It is New Year already! Time to bring in the new and say a few goodbyes. Last year was full of learning and hope it continues into this year too.
Traditional Indian fabrics have always fascinated me and more so now, when they are showing a sign of revival. Be it Chanderi or Tussar or a Pochampali or Pashmina or Paithani each one of them is gorgeous and so stunning. India has an age old tradition of weaving and the art is passed down the generations.
I was really fascinated by the history and technique of Ikat. It gives such a bohemian vibe. Did you know that in Ikat no two types of motifs or patterns are the same?
In Ikat coloured yarn in woven into a pattern at the same time the fabric is being woven. It is a complex process and the weaver should know exactly where a coloured thread should go in a bundle of yarn before the weaving process starts. It is a complex process and that is the reason Ikat is so renowned world over. From Central America to Far East each region has their version of Ikat and the yarn used also varies.
So as I am still totally in awe with Ikat I decided that I will paint my new kurta in an Ikat pattern. Here it is and I am so proud of myself this time for making new fabric painting designs!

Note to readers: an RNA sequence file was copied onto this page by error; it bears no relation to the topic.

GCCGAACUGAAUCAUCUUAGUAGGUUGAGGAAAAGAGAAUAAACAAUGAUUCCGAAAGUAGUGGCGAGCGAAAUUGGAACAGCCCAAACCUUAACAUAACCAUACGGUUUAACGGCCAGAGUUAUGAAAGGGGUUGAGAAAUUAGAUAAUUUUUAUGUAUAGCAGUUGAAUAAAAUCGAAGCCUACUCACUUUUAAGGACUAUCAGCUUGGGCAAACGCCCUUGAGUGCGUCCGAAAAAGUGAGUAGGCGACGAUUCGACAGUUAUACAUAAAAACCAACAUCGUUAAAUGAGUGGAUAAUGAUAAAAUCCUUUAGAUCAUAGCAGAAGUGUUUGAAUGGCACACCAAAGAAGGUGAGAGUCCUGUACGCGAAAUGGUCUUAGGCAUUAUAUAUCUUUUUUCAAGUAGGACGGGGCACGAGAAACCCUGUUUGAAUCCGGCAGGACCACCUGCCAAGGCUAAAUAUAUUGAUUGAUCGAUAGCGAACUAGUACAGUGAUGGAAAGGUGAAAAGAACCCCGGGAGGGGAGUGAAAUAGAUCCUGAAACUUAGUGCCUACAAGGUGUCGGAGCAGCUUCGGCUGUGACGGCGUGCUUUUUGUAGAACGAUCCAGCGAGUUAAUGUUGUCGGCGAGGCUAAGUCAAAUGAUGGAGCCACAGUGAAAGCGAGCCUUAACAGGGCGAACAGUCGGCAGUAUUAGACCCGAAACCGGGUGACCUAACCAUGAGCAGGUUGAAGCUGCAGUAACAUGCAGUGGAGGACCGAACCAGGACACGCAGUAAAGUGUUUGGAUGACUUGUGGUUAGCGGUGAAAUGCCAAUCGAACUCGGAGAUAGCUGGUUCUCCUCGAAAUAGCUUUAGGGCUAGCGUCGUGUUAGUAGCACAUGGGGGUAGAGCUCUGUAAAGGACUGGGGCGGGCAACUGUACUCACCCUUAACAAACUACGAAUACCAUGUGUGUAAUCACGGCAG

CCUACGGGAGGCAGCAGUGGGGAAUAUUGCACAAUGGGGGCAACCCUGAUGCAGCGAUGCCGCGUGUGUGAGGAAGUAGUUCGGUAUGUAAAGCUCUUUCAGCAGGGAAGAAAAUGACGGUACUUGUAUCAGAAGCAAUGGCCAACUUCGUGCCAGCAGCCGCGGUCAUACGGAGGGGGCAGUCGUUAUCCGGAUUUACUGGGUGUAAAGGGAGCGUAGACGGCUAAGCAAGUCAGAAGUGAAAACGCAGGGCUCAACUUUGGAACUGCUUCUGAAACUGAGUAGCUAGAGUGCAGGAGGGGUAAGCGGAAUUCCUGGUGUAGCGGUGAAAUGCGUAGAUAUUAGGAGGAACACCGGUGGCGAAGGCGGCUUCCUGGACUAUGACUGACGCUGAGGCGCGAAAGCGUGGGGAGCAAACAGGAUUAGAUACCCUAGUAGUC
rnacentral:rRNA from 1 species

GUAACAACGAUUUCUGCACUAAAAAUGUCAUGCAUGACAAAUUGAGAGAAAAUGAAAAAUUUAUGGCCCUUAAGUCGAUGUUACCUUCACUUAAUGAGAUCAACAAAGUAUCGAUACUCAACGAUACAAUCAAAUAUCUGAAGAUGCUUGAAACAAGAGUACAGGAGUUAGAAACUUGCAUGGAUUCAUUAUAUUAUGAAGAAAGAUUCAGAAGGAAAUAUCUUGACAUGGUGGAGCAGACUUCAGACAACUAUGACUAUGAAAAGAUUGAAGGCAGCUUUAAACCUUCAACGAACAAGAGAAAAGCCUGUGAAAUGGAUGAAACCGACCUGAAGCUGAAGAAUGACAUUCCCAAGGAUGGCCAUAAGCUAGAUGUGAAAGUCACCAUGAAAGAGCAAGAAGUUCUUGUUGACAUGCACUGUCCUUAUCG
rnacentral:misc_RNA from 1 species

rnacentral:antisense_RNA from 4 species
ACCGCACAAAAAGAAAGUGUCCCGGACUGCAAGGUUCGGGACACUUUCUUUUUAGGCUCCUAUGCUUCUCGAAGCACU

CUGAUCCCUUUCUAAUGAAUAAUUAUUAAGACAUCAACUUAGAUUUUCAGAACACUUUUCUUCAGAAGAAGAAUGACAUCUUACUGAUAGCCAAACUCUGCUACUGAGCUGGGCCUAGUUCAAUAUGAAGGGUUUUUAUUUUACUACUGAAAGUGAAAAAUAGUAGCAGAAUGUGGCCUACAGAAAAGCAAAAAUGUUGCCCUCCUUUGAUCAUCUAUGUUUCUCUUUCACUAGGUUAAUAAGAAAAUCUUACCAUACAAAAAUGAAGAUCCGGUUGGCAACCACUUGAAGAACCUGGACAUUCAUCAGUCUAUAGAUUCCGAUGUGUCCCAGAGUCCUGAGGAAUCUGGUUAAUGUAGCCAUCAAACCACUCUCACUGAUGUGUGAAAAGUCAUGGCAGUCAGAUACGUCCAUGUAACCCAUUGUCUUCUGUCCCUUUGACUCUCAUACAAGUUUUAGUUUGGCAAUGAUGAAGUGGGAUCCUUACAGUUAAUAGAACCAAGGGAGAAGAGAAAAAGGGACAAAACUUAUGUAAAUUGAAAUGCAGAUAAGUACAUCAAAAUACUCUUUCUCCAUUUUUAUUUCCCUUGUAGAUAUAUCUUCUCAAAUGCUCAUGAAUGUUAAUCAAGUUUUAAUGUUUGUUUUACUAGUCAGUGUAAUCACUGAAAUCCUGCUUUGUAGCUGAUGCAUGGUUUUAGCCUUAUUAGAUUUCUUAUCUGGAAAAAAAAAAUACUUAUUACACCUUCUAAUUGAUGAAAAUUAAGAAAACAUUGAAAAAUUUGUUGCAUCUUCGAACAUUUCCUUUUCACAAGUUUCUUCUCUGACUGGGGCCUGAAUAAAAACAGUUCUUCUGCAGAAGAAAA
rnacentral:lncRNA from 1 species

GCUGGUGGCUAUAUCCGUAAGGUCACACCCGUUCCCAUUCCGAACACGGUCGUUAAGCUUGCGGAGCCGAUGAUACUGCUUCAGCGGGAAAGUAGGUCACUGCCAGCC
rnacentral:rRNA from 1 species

We will need the following for the DIY –
- Plain Kurti
- Ikat Design
- Carbon Paper
- Fevicryl Fabric Colours
- Painting brushes
- Embroidery ring
I started the process with choosing a design which was a difficult task indeed; they are all so lovely! I narrowed down to a very traditional Odisha Ikat design. Once we have the design we need to trace it on the garment with the help of a carbon paper. Now the placement of the design will depend on the cut of the garment and your choice. I traced the design along the button line.
Decide the colours which will go best with the colour of the garment and plan the way the design has to be painted. Paint the design with a round, thin brush. In Ikat the paint application will not be flat. There will be multiple small vertical strokes of different shades to give it a feel of a weave.
Blend in the colours.
How to do it –
While fabric painting, ensure that the design is stretched using an embroidery ring for ease of use. Also ensure that the colour does not seep through the second layer of the garment.
Continue filling in the pattern till the end of the design. Let the paint dry. The curing period of the paints are 7 days and then the garment can be washed.
Isn’t it cool that one can make almost anything on a garment using Fabric colours. It just needs a bit of imagination and the possibilities are endless. You will find this hobby to be therapeutic and you won’t be able to just let go of it once you startfabric painting.
Do share your feedback and creations with me for such art and craft ideas!
Ciao till the next one.